The catchment areas of the UK's most popular schools can raise house prices nearby, as parents clamour to live in homes that allow their children to get the best possible education.
Just how much extra they have to pay depends on the area and point of comparison, but research supports there being a link between the best schools and higher house prices.
Higher grades, higher prices
Since school catchment areas can be small they create localised markets where two otherwise identical homes one mile apart can command vastly different prices.
Recent Government figures on state secondary schools in England show it costs 6.8% more to buy property in the same postcode sector as the school, compared to surrounding postcodes. This means people typically pay £15,800 more in England generally and £33,000 more in London just to live a few miles closer to their chosen school.
The primary school premium
House prices are even higher for primary than secondary schools, where it costs 8% more to be close to the best schools compared to slightly further out.
Why do primary schools have a greater impact on house prices than secondary? Paul Cheshire of London School of Economics
has come to the conclusion it's because they are more up and down in terms of quality. He also suggested parents think having a better education earlier in a child's life can be more beneficial.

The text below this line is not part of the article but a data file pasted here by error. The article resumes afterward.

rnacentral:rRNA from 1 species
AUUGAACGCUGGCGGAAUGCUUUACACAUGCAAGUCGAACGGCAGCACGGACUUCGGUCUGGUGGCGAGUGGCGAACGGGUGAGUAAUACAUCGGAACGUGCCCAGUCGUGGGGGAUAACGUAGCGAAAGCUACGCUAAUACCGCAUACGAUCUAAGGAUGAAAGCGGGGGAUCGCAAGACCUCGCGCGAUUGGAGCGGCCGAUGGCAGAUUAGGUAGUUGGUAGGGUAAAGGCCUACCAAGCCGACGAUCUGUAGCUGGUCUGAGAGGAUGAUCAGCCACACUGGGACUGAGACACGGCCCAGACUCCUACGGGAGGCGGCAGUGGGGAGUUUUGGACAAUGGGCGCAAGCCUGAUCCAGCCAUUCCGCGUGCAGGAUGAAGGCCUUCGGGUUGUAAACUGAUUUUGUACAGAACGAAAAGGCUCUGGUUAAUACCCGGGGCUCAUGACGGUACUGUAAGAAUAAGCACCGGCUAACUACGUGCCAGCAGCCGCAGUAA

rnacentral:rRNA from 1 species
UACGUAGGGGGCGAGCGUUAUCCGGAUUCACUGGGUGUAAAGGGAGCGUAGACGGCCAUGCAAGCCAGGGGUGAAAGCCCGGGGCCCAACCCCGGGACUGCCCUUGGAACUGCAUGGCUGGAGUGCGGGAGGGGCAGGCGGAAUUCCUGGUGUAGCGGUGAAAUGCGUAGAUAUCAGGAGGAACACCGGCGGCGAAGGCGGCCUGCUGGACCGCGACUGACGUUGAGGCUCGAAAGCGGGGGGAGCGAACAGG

Homes cost far more than the county average
Those moving from another area within the county may have to contend with a big jump in house prices. Last year Lloyds Bank concluded it costs £53,000 more to live near one of England's top 30 state schools than the average house price for those counties.
Private schools keep local property prices high
Private schools aren't bound by catchment areas so house price gains are more spread out, but the demand to live close by still raises prices. Enabling children to walk to school saves a lot of time and effort for everyone. Living close by also helps them make friends in the area and take part in extra-curricular activities like playing for a school sports team.
Comparing private and state schools
Those looking to buy a house with one eye on a nearby school should check out whether it's really worth it. Premiums near some of the best state secondaries are so extreme it could be cheaper to spend £180,000 on putting a child through a private secondary school.
Research from London estate agent Stirling Ackroyd published by the Evening Standard found that it costs nearly £330,000 more to live near the London Oratory School in Fulham than surrounding areas, while it costs close to £300,000 more at The Grey Hospital School in Westminster.
Other local area factors that could affect house prices
It's not just about good schools; good transport links can also have a big effect. House prices near Crossrail stations, which will fully open in 2019, have seen higher than average house price rises in the last 10 years, according to crowdfunding platform Property Partner.
People also love living close to nature. Houses near parks can cost 70% more than the city average, eMoov data shows. Meanwhile, research has found that properties in national parks typically cost £119,000 more than homes in other parts of the same counties.
Has your own house price gone up?
New and improved amenities near your home can affect its value just as much as any home improvements you can make.
If positive changes have been made in your local area you might find that your house has increased in value, giving you more equity in your property.
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